Placebo Effect: AI Augmentation Belief Spurs Risk-Taking

The belief in AI enhancement can lead to increased risk-taking behavior. In the study, participants were informed that an AI application would enhance their cognitive abilities during a virtual card game. Despite the absence of actual AI assistance, participants displayed higher risk-taking, indicating a potential placebo effect in technological applications.

Human augmentation technologies encompass a range of technological aids designed to enhance human abilities, including exoskeletons and augmented reality headsets. A recent study conducted at LMU’s Chair of Human-Centered Ubiquitous Media has shed light on users’ high expectations regarding the effects of these technologies.

Upon perceiving that AI is bolstering their cognitive capabilities, individuals tend to exhibit an increased inclination towards risk-taking, regardless of whether the AI is actively assisting them. Steeven Villa, the lead author of the study and a doctoral researcher at the Chair of Human-Centered Ubiquitous Media, emphasizes the influence of AI hype on user expectations, which can lead to riskier behavior.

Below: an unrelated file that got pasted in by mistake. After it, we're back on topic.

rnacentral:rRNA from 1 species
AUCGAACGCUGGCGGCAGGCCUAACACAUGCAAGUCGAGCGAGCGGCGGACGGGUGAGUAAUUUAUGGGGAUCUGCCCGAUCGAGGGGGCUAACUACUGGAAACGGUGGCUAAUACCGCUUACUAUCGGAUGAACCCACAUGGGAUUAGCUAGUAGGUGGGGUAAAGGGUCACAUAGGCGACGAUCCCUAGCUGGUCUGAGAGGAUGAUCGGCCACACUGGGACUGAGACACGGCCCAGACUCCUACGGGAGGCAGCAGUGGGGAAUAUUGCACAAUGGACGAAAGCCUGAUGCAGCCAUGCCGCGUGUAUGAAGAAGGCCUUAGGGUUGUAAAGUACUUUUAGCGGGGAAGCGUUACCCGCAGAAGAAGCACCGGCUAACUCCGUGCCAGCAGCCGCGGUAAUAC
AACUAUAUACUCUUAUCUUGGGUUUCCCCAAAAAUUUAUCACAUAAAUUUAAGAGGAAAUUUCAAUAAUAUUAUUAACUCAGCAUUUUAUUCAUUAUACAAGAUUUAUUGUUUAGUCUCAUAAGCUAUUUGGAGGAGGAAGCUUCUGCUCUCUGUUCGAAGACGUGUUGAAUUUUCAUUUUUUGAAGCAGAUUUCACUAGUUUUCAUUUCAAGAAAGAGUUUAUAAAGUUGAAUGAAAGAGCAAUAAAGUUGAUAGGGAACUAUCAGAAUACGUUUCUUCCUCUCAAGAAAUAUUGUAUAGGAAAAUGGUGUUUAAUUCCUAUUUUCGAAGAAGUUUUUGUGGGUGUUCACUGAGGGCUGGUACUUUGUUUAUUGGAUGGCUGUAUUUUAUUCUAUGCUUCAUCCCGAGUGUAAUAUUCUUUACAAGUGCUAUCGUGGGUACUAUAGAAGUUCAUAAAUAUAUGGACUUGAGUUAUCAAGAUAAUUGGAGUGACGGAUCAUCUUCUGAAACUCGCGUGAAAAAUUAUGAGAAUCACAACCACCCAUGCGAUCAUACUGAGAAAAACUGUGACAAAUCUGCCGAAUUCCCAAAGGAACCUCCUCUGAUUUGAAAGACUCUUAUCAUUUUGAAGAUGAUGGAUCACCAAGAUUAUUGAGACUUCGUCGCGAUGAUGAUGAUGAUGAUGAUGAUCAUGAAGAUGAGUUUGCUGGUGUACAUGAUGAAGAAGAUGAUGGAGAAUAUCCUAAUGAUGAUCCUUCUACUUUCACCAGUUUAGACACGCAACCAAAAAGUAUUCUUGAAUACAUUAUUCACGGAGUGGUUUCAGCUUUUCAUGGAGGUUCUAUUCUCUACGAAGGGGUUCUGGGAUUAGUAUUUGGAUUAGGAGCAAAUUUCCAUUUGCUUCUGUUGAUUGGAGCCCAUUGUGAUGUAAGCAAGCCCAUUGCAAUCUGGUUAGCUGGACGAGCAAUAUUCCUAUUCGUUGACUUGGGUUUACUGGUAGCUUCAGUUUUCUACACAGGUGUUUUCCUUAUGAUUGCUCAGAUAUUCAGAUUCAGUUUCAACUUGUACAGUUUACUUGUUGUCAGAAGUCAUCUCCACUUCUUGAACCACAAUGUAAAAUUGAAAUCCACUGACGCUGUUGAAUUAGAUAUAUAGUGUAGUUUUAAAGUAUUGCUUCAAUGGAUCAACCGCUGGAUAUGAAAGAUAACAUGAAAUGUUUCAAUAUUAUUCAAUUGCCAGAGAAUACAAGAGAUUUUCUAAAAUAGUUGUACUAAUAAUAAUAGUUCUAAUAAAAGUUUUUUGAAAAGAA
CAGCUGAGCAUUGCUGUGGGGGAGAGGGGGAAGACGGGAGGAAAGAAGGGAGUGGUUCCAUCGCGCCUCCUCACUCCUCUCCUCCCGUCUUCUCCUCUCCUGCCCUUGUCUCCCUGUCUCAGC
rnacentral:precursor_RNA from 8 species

To investigate this phenomenon, participants were informed that they would receive assistance from an AI application designed to enhance their cognitive abilities during a virtual card game. In reality, no such AI enhancement existed. Nevertheless, the participants displayed elevated risk-taking tendencies once they believed they were benefitting from AI.

The study highlights the potential existence of a placebo effect in technical applications of this nature, similar to the well-established placebo effect observed in medication. Albrecht Schmidt, Professor of Computer Science at LMU, stresses the importance of understanding and addressing this placebo effect in intelligent systems to ensure the development of genuinely supportive solutions.

Based on their findings, the researchers recommend rigorously assessing the actual benefits of AI applications before their release, while considering possible placebo effects. Furthermore, they advise technology companies to involve users and their expectations to a greater extent in the development process.

Author: Neurologica

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